FWIW, BMWs (probably among others) have been using this type of fan for a while. They are variable high speed. My 2001 E46 BMW has a similar fan. I had to replace it (I think the module burns out) to the tune of ~$400.
I got mine muddy once. Other than boogering up the internals, the mud on the fan blade throws it noticeably out of balance. They also wont spin to as high of an RPM (which is part of how they move so much air).
My white 4 door E46 seems more and more similar to the white 4 door JKU sitting next to it every time I work on them.
edit: I have an RC supercub that I've upgraded the motor on to a brushless outrigger motor.
Your E46 does have a similar set up, but different. My 06 Mercedes also has a similar fan control, in fact the Germans and high end American vehicles have had computer controlled variable speed fans for over a decade. There was a recall on your cooling fan if I remember correctly, the NTSB investigated it.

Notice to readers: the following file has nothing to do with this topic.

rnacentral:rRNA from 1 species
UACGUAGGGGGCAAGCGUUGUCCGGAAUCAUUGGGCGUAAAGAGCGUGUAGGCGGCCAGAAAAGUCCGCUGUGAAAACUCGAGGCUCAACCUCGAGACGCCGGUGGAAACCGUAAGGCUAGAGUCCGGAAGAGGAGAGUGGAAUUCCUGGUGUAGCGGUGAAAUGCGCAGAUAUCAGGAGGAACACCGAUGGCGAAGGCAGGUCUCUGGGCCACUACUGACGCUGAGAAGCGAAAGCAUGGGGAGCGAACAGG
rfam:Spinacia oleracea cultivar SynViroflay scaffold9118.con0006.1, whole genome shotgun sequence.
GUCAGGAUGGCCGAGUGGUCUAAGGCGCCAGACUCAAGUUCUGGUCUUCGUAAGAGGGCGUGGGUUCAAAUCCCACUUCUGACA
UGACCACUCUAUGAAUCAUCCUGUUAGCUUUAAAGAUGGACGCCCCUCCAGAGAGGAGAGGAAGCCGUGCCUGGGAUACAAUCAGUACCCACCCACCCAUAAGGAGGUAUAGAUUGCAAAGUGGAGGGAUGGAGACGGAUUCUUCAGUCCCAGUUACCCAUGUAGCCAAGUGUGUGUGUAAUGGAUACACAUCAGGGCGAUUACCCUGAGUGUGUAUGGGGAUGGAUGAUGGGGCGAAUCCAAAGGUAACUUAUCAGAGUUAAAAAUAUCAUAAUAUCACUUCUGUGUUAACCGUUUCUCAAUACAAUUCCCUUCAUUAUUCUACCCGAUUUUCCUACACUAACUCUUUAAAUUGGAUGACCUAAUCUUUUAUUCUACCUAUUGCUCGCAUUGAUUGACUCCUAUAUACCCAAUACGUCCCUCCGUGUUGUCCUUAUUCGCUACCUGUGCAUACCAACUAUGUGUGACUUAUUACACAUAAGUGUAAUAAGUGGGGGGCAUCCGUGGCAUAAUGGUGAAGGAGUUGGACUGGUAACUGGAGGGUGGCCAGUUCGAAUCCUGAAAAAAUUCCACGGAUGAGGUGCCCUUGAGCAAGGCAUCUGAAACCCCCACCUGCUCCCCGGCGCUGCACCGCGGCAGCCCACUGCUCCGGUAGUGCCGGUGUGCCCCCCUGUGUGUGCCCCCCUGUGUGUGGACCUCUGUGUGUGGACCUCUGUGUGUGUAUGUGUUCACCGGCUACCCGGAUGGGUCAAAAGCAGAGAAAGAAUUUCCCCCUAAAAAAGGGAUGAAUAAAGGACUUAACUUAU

In that era most fans were brushed DC inrunners, very different than the Pentstar JK brushless outrunner. Cadillac and Ford speed controllers were unreliable, I liked the Crown Vick dual wound fan, identical in performance to the Lincoln fan but only two speeds. There were PWM operated fan clutches, hydraulic fans(Lexus), variable speed DC, dual fans, concentric electric mechanical fans......
I find it unusual to find this fan in a Wrangler, usually the Wrangler gets low tech components; I think the fan came along with the Pentstar.
The Wrangler is growing as complex as everything else. In some ways I prefer the simple Jeep which had more in common to a flathead Ford and could be fixed with a hammer. The other day I drove a V8 TJ 20 miles back to the shop in over 100 degree weather when the fan quit. 3 gallons of water at the mini-mart(poured on radiator) and downhill coasting got me back to the shop.